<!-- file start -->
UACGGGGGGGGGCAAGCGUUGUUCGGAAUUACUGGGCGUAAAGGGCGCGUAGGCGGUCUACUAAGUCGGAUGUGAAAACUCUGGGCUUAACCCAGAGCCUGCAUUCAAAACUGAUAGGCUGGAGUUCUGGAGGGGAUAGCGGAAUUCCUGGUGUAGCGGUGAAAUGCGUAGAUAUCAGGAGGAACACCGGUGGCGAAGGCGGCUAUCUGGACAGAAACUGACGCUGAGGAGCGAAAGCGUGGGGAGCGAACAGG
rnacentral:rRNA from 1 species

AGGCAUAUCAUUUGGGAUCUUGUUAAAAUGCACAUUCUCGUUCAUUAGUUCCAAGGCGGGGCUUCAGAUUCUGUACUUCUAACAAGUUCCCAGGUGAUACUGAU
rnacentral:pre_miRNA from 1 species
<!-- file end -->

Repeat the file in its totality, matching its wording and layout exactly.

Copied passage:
UACGGGGGGGGGCAAGCGUUGUUCGGAAUUACUGGGCGUAAAGGGCGCGUAGGCGGUCUACUAAGUCGGAUGUGAAAACUCUGGGCUUAACCCAGAGCCUGCAUUCAAAACUGAUAGGCUGGAGUUCUGGAGGGGAUAGCGGAAUUCCUGGUGUAGCGGUGAAAUGCGUAGAUAUCAGGAGGAACACCGGUGGCGAAGGCGGCUAUCUGGACAGAAACUGACGCUGAGGAGCGAAAGCGUGGGGAGCGAACAGG
rnacentral:rRNA from 1 species

AGGCAUAUCAUUUGGGAUCUUGUUAAAAUGCACAUUCUCGUUCAUUAGUUCCAAGGCGGGGCUUCAGAUUCUGUACUUCUAACAAGUUCCCAGGUGAUACUGAU
rnacentral:pre_miRNA from 1 species